It was August of 2010 and I was days away from dropping my daughter with diabetes off at a college 500 miles away. I was putting up a good front but, truth be known: I was terrified.
What if she didn’t know how to manage diabetes without me around? What if no one cared about all the things she had to do to stay alive? What if she made poor choices? I called a good friend of mine who’d sent her daughter off to college three years prior and asked her (I might have beseeched her) for advice.
“Listen to me, Moira,” said Kassy, mom of Kady Helme, now a very well-known national diabetes advocate. “What I’m going to say is absolutely the truth and the way to get through this.”
I waited for Kassy to say something like “Install a doorbell over her dorm bed that rings directly to you no matter where you are. Call the local police and hire a guard for outside her dorm door and all classroom doors. And for goodness sake… do NOT let her go out at night!”
But what she said was this:
“Out of sight, out of mind. As it should be and needs to be.”
Kassy must, I thought, have lost her mind. But then I started to think about it. Her daughter was thriving in college, and almost done. They’d had no crisis to speak of, and no horrifying moments. I knew from Facebook posts her daughter was enjoying all that college had to offer. Maybe she was on to something.
So while it was impossible for me to adopt that advice without flinching, as I lived through that first day, first week, and then first year of college, I began to see the beauty – and truth – in what my friend Kassy had to say.
Because here is the thing: college is kind of a dress rehearsal for real life. My goal was – and always had been – for my child with diabetes to grow up and live an exciting, empowering, fun and fruitful independent life, just like my child without diabetes. College should be a time when I let that begin to happen. Which could and should mean – to an appropriate point: out of sight, out of mind.
Today, years after my daughter graduated from college, (in four years! With honors! And now in a great career), I’m thankful I found a way to heed that sage advice. And to parents dropping their kids with diabetes off at college in the coming weeks, I suggest the same.
So, how do you do it? How do you let go? By supporting them appropriately, according to how they ask to be supported. Remember that all people with diabetes are unique. Not every child fits the same profile. And college preparation is a time for parents to let the kids decide what profile they fit, not one their parents may have passively (and with the best intentions) assigned them.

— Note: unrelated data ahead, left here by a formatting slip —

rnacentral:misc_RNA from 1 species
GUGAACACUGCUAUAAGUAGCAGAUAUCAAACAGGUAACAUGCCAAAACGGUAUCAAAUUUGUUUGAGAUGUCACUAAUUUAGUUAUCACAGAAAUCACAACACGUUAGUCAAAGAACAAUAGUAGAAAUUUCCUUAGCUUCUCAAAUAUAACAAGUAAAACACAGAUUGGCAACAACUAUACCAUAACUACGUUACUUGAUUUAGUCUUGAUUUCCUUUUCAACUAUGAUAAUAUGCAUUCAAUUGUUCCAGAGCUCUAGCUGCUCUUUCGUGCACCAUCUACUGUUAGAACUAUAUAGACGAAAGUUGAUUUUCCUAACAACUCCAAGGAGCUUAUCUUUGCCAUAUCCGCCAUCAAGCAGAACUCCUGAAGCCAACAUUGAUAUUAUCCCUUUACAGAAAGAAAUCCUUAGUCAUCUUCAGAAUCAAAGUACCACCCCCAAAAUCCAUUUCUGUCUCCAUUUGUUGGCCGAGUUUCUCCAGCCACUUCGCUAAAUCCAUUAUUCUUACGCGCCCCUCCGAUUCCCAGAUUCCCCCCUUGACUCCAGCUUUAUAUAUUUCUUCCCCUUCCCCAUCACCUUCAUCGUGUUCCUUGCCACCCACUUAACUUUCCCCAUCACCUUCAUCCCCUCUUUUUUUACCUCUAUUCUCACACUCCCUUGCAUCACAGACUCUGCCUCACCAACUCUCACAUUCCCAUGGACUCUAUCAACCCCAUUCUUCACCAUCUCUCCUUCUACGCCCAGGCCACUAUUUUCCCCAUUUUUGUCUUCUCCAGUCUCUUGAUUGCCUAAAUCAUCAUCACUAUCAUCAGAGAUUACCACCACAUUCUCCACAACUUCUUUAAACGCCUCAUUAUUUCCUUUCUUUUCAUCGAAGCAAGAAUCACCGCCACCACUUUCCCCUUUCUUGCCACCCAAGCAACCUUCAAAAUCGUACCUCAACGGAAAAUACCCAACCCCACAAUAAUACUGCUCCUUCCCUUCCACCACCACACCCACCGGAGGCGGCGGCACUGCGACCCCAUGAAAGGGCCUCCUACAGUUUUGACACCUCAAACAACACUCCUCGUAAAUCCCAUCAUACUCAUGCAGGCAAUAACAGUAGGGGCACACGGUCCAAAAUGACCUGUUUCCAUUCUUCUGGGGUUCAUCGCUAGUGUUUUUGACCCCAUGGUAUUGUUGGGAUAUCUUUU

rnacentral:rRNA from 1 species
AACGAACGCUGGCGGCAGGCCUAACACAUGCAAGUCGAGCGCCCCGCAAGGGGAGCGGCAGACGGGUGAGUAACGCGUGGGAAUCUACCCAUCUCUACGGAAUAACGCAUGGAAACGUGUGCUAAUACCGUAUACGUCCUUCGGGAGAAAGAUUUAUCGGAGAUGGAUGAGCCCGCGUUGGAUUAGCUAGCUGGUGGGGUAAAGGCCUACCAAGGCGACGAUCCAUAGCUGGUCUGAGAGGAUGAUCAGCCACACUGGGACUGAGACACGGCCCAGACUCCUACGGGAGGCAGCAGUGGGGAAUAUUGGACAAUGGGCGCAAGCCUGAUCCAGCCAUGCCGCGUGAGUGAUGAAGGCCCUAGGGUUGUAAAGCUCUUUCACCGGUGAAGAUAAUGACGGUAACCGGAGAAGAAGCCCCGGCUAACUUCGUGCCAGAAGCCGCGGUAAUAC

So what does “out of sight, out of mind” mean? It does not mean dropping them off with just the shirts on their backs. Look, when I moved my daughter into college and we set up her plastic drawers with her diabetes supplies and snacks for lows, she looked at it all and said “This is great, Mom. If every person with type 1 in the greater DC area should converge in my room and all need something at the same time, we’re covered!” To which I said, ‘Exactly!” I actually kept my daughter in low supplies and medical supplies all four years of college. I handled prescriptions and insurance into her first year of work at her request. She does it on her own now which frees up about 44566 million hours a week for me. She needed me to do that; she told me so and asked me to. I was able and willing. It was, however, up to her to bring things with her to classes, parties and outings. No more nagging from me. It only took a few times of forgetting for her to realize she had to remember.
For us, it also meant – my daughter’s choice – me no longer knowing her blood glucose readings. This is a really hard habit to break. I realized early on that knowing her blood sugars, at this point, was more an addiction of mine than a need of hers. Yes, she did and still does have times she shares with me and asks me for input (I’m in the middle of an actual DexCom Share period with her now. She asked, I’m willing.) In the dorms, it was time for her to own her blood sugars and for me to let them go. I promise you that every time she called me I was dying to ask. It was difficult – but with the blessing of her endo and her insistence – right.
In this time of shared data, this is going to be even harder for parents who are used to seeing all the swings and ups and downs and trends. You’ve been their back up, hero, and support. Now, if it is what your child desires and their medical team backs them, your heroic effort needs to be focused on letting that go. It’s hard! We should have some kind of 12-step program, for real.
College also meant me accepting that I wasn’t always going to be able to hop in a car and fix things. That if something went wrong – and she did have one ER visit – she was going to have to deal with it without me there. You know what? It was the best thing that could happen, for her and for me. For all her life (and my other daughter’s life) I will always be there when they need me, no matter how costly the flight. But by letting my daughter see that she could do it on her own, I gave her the most wonderful gift: confidence in her ability to be independent. Now that’s a college course worth credits.